The downside of all this, as some see it, is a Senate completely dependent upon Murray and her staff, with nobody ready to provide leadership when she leaves — whether that's in three years or sooner. (See sidebar, "Who's Next?")

But there is reason to be more optimistic. The new crop of senators include many smart, savvy, progressive pols with a sharp interest in both policy and good governance.

What they need is a little more seasoning in the processes and procedures of the State House. As they get a couple more years under their belt, they should be ready to emerge as a force right when Murray steps down.

Significantly, they could be taking leadership positions just as the recovering economy starts replenishing the government coffers — giving them a chance to choose budget priorities and adopt new programs that have been impossible during the current lean times.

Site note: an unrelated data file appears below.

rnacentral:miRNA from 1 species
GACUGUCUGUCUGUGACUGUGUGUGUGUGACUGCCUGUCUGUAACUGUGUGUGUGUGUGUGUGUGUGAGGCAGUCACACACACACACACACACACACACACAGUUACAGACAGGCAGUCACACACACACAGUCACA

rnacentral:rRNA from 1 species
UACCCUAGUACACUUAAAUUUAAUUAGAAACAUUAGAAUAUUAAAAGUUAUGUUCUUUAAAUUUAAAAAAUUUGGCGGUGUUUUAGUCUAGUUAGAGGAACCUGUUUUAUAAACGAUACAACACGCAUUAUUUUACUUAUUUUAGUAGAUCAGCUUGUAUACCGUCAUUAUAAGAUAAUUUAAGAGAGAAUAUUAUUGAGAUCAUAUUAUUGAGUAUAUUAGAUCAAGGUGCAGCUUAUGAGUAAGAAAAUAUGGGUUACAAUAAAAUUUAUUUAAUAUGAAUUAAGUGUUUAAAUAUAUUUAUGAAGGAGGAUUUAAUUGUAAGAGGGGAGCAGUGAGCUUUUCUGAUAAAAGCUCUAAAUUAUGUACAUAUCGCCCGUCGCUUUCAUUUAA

And they seem to want equally significant changes in the way the Senate itself operates.

They have relatively little patience for the top-down model that has been the norm, to varying degrees, since the Bulger days. When they select a new president, they will be looking for someone who promises to let chairs run their committees without interference, allows more open debate on the floor, and exerts less control through the caucus process.

That next president may be one of their own, or one of the veterans who makes those commitments. Either way, the Senate could be heading toward a new heyday — although it may come only after a fallow period in the near future.

To read the Talking Politics blog, go to  thePhoenix.com/talkingpolitics. David S. Bernstein can be reached at dbernstein@phx.com. Follow him on Twitter @dbernstein.

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